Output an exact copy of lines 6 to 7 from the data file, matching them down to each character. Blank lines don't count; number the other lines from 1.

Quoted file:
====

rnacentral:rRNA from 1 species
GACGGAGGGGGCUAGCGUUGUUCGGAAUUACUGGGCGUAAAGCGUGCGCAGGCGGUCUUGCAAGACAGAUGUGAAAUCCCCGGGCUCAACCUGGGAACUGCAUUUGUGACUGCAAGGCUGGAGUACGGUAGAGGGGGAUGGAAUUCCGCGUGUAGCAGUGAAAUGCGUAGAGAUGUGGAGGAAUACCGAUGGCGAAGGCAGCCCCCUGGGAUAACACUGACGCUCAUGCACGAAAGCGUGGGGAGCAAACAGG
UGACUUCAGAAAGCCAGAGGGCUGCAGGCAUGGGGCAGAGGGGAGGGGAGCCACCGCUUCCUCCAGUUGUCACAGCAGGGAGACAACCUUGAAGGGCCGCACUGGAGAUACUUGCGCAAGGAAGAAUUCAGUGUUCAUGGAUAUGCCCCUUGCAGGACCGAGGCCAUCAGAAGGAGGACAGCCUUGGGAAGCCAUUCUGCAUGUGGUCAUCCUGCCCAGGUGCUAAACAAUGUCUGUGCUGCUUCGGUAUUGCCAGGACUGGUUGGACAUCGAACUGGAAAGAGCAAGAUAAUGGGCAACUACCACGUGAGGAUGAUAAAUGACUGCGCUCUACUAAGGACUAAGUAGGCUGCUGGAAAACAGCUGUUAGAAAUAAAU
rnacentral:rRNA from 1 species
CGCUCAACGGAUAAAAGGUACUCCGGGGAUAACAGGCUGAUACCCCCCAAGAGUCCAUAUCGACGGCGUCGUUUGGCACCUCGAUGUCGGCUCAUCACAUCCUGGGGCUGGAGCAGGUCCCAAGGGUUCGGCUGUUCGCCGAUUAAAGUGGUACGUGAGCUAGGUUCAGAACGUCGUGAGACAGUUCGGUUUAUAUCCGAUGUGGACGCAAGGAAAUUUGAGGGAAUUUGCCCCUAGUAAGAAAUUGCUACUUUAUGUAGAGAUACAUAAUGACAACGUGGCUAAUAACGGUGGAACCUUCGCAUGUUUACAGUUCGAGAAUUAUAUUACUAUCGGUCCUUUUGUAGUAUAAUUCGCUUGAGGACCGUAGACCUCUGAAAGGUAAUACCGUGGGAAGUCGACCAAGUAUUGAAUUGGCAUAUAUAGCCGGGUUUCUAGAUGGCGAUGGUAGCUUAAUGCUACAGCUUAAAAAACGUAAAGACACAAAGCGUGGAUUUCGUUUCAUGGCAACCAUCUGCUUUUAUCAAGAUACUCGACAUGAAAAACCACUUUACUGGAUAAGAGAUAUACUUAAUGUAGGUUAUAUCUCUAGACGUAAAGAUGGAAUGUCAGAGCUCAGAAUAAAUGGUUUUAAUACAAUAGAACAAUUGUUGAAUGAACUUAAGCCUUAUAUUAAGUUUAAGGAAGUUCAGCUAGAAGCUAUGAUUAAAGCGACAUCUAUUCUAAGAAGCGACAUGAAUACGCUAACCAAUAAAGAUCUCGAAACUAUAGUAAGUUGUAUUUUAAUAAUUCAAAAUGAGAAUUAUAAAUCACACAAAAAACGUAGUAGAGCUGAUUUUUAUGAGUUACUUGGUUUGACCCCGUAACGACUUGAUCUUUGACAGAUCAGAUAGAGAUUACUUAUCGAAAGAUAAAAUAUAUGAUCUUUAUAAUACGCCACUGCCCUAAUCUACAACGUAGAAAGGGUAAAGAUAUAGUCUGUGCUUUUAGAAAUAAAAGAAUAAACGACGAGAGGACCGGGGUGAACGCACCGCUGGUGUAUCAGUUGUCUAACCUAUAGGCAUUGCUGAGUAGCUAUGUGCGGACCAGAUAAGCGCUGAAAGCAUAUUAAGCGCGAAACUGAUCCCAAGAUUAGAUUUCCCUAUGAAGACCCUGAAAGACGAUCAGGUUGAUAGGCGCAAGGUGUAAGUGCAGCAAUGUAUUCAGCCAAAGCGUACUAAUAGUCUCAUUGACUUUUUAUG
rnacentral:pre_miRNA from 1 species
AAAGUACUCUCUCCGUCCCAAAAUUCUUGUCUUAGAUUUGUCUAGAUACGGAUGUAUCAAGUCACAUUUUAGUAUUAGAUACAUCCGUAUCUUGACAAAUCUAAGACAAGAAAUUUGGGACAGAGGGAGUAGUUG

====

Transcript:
rnacentral:pre_miRNA from 1 species
AAAGUACUCUCUCCGUCCCAAAAUUCUUGUCUUAGAUUUGUCUAGAUACGGAUGUAUCAAGUCACAUUUUAGUAUUAGAUACAUCCGUAUCUUGACAAAUCUAAGACAAGAAAUUUGGGACAGAGGGAGUAGUUG